Politics V. Endangered Species, or The Julie MacDonald Drama (Again)

| Mon Nov. 19, 2007 7:02 PM EST

T_eques-low.jpg Good article in today's Christian Science Monitor on how political efforts to undercut the Endangered Species Act are facing fire in the courts. In each case, Bush's political appointees overrode federal scientists' recommendations, with little or no justification, according to six lawsuits filed Thursday by the Center for Biological Diversity. Who are the losers? Mexican garter snakes, Mississippi gopher frogs, Santa Ana suckerfish, to begin with. We've heard this before but—

"This wave of lawsuits is different—and what makes them so different is that the agency itself and its inspector general have provided a lot of compelling evidence of political interference with the proper functioning of the act," says J.B. Ruhl, a law professor at Florida State University in Tallahassee and an expert on the ESA. A big factor in the CBD's legal fusillade hinges on the April release of a scathing report [pdf] by the Interior Department's inspector general on the actions of Julie MacDonald, the department's former deputy assistant secretary for fish and wildlife and parks. The report found numerous questionable actions on endangered species and criticized her release of internal documents to outside groups opposed to the ESA.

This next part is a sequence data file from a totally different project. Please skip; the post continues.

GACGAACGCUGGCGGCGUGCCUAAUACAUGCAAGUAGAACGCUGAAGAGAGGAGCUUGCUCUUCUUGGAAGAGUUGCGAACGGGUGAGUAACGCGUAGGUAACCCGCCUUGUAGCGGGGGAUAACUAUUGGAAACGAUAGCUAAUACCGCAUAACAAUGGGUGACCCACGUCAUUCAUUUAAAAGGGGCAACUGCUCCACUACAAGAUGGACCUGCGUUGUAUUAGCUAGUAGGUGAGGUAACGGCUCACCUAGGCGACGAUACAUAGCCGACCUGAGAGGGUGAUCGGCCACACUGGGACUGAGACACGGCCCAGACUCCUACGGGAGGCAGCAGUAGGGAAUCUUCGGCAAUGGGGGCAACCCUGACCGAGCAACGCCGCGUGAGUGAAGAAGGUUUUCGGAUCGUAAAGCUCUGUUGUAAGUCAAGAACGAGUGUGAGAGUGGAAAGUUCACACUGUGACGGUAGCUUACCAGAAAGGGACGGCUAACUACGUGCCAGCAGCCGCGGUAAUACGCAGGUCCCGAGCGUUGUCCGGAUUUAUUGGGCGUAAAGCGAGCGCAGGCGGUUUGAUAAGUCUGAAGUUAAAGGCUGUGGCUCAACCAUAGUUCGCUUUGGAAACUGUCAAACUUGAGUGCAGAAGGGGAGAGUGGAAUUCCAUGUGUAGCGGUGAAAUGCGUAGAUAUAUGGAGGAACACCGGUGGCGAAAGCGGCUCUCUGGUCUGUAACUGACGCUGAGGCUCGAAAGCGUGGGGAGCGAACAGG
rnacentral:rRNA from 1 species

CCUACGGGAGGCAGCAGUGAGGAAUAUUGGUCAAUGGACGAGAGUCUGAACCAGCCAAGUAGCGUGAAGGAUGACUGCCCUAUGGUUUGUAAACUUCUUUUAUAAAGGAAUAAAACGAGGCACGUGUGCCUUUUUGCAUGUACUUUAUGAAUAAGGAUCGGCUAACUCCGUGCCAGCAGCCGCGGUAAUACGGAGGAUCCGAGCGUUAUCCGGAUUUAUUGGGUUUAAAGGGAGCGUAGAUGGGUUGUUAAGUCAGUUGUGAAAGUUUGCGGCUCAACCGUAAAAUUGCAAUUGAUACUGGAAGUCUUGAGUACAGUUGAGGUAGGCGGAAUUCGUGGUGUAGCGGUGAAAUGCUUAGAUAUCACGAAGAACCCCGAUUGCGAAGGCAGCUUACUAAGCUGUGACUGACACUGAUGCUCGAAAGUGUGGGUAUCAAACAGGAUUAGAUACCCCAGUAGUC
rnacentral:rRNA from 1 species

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Moreover, the Endangered Species & Wetlands Report revealed that Julie MacDonald received a Special Thanks for Achieving Results (STAR) award for her work during 2004. That amounted to a tidy $9,628 windfall—just short of the $10,000 threshold that would have triggered a review by the Office of Personnel Management. This, according to DOI, for "an outstanding one-time accomplishment or contribution of a non-recurring nature that produces tangible savings or intangible benefits."

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Oh. Is that what they call eviscerating a stellar piece of legislation?

Julia Whitty is Mother Jones' environmental correspondent. You can read from her new book, The Fragile Edge, and other writings, here.